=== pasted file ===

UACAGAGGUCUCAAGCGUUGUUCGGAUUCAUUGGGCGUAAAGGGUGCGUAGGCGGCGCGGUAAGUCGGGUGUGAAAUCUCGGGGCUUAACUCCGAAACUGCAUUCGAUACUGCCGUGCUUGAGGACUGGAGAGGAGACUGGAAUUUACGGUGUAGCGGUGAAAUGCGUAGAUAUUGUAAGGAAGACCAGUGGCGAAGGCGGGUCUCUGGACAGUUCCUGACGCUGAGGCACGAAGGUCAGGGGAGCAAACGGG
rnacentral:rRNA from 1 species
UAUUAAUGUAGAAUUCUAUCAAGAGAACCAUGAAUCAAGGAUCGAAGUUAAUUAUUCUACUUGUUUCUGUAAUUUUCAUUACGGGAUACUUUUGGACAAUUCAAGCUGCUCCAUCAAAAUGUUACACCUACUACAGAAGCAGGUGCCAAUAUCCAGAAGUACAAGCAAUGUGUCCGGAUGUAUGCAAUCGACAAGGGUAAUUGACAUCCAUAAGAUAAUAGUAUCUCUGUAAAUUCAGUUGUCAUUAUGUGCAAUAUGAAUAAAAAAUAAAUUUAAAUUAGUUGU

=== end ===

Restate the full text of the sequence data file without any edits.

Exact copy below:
UACAGAGGUCUCAAGCGUUGUUCGGAUUCAUUGGGCGUAAAGGGUGCGUAGGCGGCGCGGUAAGUCGGGUGUGAAAUCUCGGGGCUUAACUCCGAAACUGCAUUCGAUACUGCCGUGCUUGAGGACUGGAGAGGAGACUGGAAUUUACGGUGUAGCGGUGAAAUGCGUAGAUAUUGUAAGGAAGACCAGUGGCGAAGGCGGGUCUCUGGACAGUUCCUGACGCUGAGGCACGAAGGUCAGGGGAGCAAACGGG
rnacentral:rRNA from 1 species
UAUUAAUGUAGAAUUCUAUCAAGAGAACCAUGAAUCAAGGAUCGAAGUUAAUUAUUCUACUUGUUUCUGUAAUUUUCAUUACGGGAUACUUUUGGACAAUUCAAGCUGCUCCAUCAAAAUGUUACACCUACUACAGAAGCAGGUGCCAAUAUCCAGAAGUACAAGCAAUGUGUCCGGAUGUAUGCAAUCGACAAGGGUAAUUGACAUCCAUAAGAUAAUAGUAUCUCUGUAAAUUCAGUUGUCAUUAUGUGCAAUAUGAAUAAAAAAUAAAUUUAAAUUAGUUGU